Some minerals form as a result of intense heat and pressure created during metamorphism. Talc is an example of a metamorphic mineral.
5.3. Cooling Magma Forms Minerals
Other minerals crystallize from magma as it cools. Examples include tourmaline, feldspar and quartz.
5.4. Evaporation and Precipitation Form Minerals
Another group of minerals forms when ocean water evaporates. The most common mineral to form this way is halite (rock salt).
5.5. Hot Water Solutions Form Minerals
Some minerals form in hot water solutions. Ground water that is heated by magma causes elements and compounds to dissolve into a hot liquid. When the liquid cools, minerals such as gold and copper are formed.

5. Mineral Resources

6.1. Ore Deposits
Rock that contains metal or important minerals is called ore. Large amounts of ore are called ore deposits.
6.2. Mining Methods
Several methods of mining are used to remove rocks and minerals from the ground. When ore is close to the earth's surface, strip mining and open pit mining methods are used.
6.3. Shaft Mines
Shaft mines are dug when the ore deposits are deep below the surface.
6.4. Processing Ore
Nearly all mineral resources need to be processed after they are mined. A process called smelting mixes the ore with other substances and then melts the mixture to separate the useful minerals and metal.

6. Mining and the Environment

7.1. Mining and Environmental Issues
Mining can create significant environmental problems. It can destroy habitats and produce waste products that pollute the land, water and air.
7.2. Mining and Land Reclamation
Land reclamation is a top priority of the mining industry today. It involves bringing in new topsoil and planting trees, grasses and other native plants.
7.3. Mineral Reserves and Recycling
The Earth's mineral reserves are sufficient to supply most of our needs, but in many cases recycling previously used materials is more efficient than producing them from ore.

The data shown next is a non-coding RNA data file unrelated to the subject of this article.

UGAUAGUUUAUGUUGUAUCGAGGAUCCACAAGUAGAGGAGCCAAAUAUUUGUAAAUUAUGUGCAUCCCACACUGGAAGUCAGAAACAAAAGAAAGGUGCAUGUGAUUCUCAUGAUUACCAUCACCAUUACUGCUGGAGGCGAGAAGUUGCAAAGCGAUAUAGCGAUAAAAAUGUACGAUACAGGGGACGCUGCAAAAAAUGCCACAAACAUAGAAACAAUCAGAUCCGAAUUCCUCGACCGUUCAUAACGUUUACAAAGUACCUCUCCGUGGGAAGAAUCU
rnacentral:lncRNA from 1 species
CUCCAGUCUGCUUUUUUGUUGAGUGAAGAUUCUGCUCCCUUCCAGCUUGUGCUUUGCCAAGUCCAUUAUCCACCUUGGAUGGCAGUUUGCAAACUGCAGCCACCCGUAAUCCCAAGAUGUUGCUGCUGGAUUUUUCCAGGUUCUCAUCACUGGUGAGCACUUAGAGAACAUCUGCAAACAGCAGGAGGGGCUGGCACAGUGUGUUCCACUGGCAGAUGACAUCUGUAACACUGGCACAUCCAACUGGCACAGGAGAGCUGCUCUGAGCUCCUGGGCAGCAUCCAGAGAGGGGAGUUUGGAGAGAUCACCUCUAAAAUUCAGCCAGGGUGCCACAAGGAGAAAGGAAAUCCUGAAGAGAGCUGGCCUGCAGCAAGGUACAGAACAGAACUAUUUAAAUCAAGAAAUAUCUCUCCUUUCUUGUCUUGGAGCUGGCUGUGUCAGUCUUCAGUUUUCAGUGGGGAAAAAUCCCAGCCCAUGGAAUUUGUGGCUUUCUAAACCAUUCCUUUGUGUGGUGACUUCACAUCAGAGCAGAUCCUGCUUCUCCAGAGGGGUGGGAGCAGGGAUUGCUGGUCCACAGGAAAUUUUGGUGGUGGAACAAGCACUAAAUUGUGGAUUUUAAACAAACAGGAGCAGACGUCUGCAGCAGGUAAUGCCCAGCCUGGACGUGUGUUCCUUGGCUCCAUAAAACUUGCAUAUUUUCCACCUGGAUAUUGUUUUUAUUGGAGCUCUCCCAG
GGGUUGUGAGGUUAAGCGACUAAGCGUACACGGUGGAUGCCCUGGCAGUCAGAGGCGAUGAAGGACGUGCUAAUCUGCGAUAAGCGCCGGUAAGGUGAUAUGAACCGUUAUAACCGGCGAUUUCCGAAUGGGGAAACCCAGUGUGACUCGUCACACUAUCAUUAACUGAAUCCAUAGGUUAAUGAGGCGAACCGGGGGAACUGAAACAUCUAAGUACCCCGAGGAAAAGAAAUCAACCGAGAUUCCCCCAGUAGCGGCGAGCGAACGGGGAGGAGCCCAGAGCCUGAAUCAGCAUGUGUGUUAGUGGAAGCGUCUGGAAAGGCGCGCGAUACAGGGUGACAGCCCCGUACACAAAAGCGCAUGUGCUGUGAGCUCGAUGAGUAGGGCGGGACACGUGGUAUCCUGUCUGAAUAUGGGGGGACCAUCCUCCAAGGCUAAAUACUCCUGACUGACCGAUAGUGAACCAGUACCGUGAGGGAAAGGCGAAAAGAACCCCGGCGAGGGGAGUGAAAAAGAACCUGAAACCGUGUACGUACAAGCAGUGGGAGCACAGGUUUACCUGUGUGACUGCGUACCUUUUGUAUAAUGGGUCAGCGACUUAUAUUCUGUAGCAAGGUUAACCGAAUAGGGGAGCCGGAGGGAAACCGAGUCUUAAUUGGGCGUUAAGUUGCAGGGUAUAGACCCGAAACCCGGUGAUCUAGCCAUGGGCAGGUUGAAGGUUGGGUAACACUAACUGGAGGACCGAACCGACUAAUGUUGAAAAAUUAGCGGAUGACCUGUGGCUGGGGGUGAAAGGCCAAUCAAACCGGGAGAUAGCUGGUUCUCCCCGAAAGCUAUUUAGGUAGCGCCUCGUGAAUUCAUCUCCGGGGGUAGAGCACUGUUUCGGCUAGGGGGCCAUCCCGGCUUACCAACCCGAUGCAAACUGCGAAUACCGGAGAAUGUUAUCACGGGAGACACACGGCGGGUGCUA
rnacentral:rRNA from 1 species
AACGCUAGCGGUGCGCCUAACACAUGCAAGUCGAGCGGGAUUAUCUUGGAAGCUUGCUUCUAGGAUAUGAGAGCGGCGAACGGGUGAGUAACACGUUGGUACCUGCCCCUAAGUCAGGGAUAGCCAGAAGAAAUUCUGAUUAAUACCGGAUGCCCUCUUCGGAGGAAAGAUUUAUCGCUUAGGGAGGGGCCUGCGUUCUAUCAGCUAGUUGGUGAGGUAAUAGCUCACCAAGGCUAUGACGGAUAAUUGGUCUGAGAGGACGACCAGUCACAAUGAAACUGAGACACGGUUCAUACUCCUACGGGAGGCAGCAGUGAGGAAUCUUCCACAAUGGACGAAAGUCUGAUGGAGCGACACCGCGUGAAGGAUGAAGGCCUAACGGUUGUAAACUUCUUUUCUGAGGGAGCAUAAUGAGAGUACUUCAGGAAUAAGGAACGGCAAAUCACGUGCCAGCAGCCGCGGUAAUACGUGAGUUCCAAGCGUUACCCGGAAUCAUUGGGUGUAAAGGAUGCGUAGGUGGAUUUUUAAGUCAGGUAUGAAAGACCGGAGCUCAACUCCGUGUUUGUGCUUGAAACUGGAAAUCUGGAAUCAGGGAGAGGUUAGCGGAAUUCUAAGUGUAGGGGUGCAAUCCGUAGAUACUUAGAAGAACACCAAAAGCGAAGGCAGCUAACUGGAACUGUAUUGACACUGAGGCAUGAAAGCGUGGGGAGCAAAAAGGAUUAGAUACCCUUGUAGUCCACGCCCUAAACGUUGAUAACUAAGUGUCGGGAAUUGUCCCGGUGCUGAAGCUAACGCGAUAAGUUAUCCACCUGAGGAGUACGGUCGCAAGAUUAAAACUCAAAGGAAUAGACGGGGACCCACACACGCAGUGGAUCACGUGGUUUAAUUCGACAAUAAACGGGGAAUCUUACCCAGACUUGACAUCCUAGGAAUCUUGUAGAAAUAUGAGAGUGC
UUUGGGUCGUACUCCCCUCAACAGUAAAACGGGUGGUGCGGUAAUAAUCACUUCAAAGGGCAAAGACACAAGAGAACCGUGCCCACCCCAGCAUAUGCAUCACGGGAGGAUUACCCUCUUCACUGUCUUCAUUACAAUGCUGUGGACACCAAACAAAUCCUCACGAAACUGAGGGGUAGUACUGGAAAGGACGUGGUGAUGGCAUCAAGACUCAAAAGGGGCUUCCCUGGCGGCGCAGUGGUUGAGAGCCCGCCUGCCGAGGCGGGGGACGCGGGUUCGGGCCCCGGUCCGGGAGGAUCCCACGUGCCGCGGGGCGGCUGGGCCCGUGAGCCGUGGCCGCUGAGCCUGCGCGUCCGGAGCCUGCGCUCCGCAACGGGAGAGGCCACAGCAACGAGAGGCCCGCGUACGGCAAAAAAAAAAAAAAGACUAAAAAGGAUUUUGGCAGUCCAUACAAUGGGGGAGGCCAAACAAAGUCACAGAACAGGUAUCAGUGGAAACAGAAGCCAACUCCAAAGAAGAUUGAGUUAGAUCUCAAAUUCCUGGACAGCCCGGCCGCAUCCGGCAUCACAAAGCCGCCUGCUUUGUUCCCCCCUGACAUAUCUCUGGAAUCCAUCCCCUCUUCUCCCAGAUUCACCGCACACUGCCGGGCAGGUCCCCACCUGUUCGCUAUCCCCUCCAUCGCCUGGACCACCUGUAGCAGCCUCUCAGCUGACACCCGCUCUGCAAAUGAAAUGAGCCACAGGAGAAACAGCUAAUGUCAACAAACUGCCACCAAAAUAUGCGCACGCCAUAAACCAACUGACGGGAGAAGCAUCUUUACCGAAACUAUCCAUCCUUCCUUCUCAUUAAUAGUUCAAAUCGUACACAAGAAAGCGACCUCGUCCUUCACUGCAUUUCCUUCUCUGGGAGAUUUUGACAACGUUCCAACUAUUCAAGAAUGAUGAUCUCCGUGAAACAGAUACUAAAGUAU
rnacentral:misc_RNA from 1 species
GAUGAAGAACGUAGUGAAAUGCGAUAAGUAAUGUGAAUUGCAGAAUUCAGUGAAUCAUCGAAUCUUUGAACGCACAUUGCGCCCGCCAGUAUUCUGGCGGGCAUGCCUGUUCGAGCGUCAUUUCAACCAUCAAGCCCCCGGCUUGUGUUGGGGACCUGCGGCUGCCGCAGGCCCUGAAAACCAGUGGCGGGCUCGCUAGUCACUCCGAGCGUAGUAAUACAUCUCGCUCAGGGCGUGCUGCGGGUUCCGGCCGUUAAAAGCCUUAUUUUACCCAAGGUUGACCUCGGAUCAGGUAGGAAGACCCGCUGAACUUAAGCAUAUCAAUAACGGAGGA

7. Use of Minerals

8.1. Importance of Minerals
Minerals are found in products we use every day. In our modern civilization, materials made from minerals are of major industrial and economic importance.
8.2. Using Minerals in Homes
Think about the materials involved in building a new home. Gypsum is used to make wallboard and cement. Steel is an iron mixture used for framework, furniture and appliances.
8.3. Using Minerals in a Television
A television alone contains 35 or more mineral-made materials. For example, quartz is used for making glass and silicon chips, while copper is made into wires.
8.4. Gemstones
Gemstones are minerals that are valued for their rarity and beauty. They are primarily used for jewelry and decoration, but some are useful in making mechanical parts.

8. Pause and Interact

9.1. Review
Use the whiteboard tools to complete the activity.
9.2. Mineral Uses
Follow the onscreen instructions.

9. Vocabulary Review

10.1. Minerals Vocabulary Matching
In this activity you will match cards that show terms, definitions and images. A card will be chosen at random and highlighted. Use the up and down arrows to line up the correct matches in the other columns. Then click Check Matches.

10. Virtual Investigation

11.1. Mineral Identification
In this virtual investigation you will identify minerals by observing and testing their physical properties. After gathering data for an unknown mineral, you will refer to an identification chart to determine the mineral's identity.

11. Assessment

12.1. Minerals